Phase Three: Assessment
You will be asked to identify the traumatic memory or an image from that memory. Then, you will be asked to think about a negative thought you have about yourself in relation to the traumatic event, such as “I am a bad person.” Next, the therapist will ask you to come up with a positive thought about yourself, such as “I am a lovable person” and to rate how much you believe that thought. Lastly, you will focus on the traumatic image and the negative thought you have about yourself and rate your level of emotional upset using a rating scale.
Phase Four: Desensitization
You will be asked to focus on your disturbing feelings while letting your eyes follow the therapist’s fingers as they move rapidly back and forth across a span of about 12 inches. This procedure is repeated in sets, each of which last from 10 seconds to more than 1 minute. This will continue until your emotional distress is greatly reduced.
In some cases, instead of eye movement, the therapist may ask you to tap alternate hands on a chair rest, or may use alternating sounds in your ears. Other more advanced strategies may also be used.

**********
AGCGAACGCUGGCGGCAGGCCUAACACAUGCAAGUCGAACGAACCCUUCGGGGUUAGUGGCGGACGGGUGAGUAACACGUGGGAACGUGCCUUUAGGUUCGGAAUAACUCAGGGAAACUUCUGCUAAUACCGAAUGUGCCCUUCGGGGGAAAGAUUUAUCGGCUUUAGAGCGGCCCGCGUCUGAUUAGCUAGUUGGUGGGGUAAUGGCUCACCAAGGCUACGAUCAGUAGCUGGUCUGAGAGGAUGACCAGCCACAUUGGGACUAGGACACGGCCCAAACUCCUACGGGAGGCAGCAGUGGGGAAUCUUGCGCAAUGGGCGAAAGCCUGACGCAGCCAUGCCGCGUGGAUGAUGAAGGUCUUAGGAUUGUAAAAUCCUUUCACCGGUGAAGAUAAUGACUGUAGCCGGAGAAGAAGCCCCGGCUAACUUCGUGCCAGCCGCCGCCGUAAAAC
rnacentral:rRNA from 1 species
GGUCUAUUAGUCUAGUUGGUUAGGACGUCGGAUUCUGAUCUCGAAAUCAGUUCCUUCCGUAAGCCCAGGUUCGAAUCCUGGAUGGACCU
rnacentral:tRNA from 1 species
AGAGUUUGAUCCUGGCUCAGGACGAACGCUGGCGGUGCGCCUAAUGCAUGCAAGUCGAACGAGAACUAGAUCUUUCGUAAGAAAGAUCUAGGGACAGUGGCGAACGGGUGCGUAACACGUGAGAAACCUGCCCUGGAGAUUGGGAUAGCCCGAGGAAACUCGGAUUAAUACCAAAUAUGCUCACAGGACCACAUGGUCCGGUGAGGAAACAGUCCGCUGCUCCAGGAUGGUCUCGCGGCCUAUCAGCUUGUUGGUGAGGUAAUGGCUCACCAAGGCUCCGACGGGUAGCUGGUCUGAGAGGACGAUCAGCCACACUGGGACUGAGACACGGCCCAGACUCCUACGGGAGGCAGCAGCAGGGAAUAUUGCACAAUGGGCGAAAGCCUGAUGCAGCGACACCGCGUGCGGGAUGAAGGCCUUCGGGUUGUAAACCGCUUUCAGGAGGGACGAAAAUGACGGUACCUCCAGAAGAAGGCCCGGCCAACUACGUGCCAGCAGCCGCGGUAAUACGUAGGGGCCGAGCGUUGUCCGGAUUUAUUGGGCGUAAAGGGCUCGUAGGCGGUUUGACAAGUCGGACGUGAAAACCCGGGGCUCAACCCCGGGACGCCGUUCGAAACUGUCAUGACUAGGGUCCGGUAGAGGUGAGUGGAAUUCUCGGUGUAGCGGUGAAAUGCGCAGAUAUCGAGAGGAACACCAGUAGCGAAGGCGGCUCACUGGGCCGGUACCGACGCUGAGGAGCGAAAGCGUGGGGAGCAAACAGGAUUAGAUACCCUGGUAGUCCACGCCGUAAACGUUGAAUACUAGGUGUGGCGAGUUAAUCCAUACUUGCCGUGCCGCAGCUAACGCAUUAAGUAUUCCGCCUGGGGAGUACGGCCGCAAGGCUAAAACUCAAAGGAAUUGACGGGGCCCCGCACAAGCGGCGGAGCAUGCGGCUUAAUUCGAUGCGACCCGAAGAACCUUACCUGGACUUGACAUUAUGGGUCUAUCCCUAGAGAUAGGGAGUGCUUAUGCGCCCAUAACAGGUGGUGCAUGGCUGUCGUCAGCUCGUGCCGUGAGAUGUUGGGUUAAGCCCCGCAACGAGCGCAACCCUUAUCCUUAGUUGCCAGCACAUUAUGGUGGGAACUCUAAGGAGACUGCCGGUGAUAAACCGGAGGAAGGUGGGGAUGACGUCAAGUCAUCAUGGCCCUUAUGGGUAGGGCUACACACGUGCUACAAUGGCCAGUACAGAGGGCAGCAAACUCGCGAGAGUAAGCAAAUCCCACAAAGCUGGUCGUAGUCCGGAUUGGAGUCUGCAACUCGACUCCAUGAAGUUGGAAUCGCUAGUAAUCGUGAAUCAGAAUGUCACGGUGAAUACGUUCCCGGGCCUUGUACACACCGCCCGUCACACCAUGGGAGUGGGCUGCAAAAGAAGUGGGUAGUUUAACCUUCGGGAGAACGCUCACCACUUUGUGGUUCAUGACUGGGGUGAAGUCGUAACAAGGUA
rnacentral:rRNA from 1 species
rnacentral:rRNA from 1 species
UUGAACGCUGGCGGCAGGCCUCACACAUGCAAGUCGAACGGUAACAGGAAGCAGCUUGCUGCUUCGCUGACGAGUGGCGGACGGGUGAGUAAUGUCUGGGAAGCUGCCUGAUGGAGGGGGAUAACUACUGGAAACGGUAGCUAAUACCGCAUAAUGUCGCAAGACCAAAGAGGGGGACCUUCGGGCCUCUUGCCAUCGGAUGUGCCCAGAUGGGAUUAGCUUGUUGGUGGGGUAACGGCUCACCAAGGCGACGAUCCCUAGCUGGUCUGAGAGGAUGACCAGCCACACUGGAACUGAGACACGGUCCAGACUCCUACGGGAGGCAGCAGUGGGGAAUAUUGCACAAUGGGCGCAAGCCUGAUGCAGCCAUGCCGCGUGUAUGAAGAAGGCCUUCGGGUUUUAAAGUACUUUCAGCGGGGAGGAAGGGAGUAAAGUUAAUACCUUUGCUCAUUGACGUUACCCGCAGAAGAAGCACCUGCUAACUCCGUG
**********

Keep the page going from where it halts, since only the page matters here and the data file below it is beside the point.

Phase Five: Cognitive Restructuring
In this phase, the positive belief will be strengthened in an effort to replace the negative belief associated with the traumatic memory. You will be asked to concentrate on the positive belief during the eye movement sets. This will continue until you reach a specific rate on the scale that the therapist is using. When evoking the traumatic memory, this should help you believe the positive thought about yourself.
Phase Six: Awareness of Bodily Sensation
As you hold the traumatic image and positive belief in your mind, you will focus on any tension that arises in your body. During the following sets of eye movements, or other desensitization techniques, the therapist will help you reduce bodily tension.
Phase Seven: Closure